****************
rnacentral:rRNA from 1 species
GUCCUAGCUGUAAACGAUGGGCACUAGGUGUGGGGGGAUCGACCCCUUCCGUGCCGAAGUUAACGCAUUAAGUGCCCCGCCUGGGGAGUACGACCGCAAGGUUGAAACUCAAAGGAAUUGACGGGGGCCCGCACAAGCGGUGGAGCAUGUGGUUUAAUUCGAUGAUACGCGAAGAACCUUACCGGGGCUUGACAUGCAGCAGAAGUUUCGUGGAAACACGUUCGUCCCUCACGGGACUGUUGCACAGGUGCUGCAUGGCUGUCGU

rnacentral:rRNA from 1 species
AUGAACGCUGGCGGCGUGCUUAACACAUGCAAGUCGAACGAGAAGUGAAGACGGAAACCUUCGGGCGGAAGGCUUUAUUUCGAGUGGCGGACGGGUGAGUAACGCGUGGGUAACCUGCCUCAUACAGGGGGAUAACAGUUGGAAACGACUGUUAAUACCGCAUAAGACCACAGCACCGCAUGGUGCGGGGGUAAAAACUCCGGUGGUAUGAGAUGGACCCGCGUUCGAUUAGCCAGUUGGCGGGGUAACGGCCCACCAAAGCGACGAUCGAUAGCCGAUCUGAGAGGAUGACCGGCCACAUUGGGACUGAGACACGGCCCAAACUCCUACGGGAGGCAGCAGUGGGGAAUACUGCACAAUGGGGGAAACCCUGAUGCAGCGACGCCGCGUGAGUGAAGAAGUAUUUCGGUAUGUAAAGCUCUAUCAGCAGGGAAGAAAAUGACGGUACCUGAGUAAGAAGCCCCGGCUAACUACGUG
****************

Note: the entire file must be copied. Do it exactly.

rnacentral:rRNA from 1 species
GUCCUAGCUGUAAACGAUGGGCACUAGGUGUGGGGGGAUCGACCCCUUCCGUGCCGAAGUUAACGCAUUAAGUGCCCCGCCUGGGGAGUACGACCGCAAGGUUGAAACUCAAAGGAAUUGACGGGGGCCCGCACAAGCGGUGGAGCAUGUGGUUUAAUUCGAUGAUACGCGAAGAACCUUACCGGGGCUUGACAUGCAGCAGAAGUUUCGUGGAAACACGUUCGUCCCUCACGGGACUGUUGCACAGGUGCUGCAUGGCUGUCGU

rnacentral:rRNA from 1 species
AUGAACGCUGGCGGCGUGCUUAACACAUGCAAGUCGAACGAGAAGUGAAGACGGAAACCUUCGGGCGGAAGGCUUUAUUUCGAGUGGCGGACGGGUGAGUAACGCGUGGGUAACCUGCCUCAUACAGGGGGAUAACAGUUGGAAACGACUGUUAAUACCGCAUAAGACCACAGCACCGCAUGGUGCGGGGGUAAAAACUCCGGUGGUAUGAGAUGGACCCGCGUUCGAUUAGCCAGUUGGCGGGGUAACGGCCCACCAAAGCGACGAUCGAUAGCCGAUCUGAGAGGAUGACCGGCCACAUUGGGACUGAGACACGGCCCAAACUCCUACGGGAGGCAGCAGUGGGGAAUACUGCACAAUGGGGGAAACCCUGAUGCAGCGACGCCGCGUGAGUGAAGAAGUAUUUCGGUAUGUAAAGCUCUAUCAGCAGGGAAGAAAAUGACGGUACCUGAGUAAGAAGCCCCGGCUAACUACGUG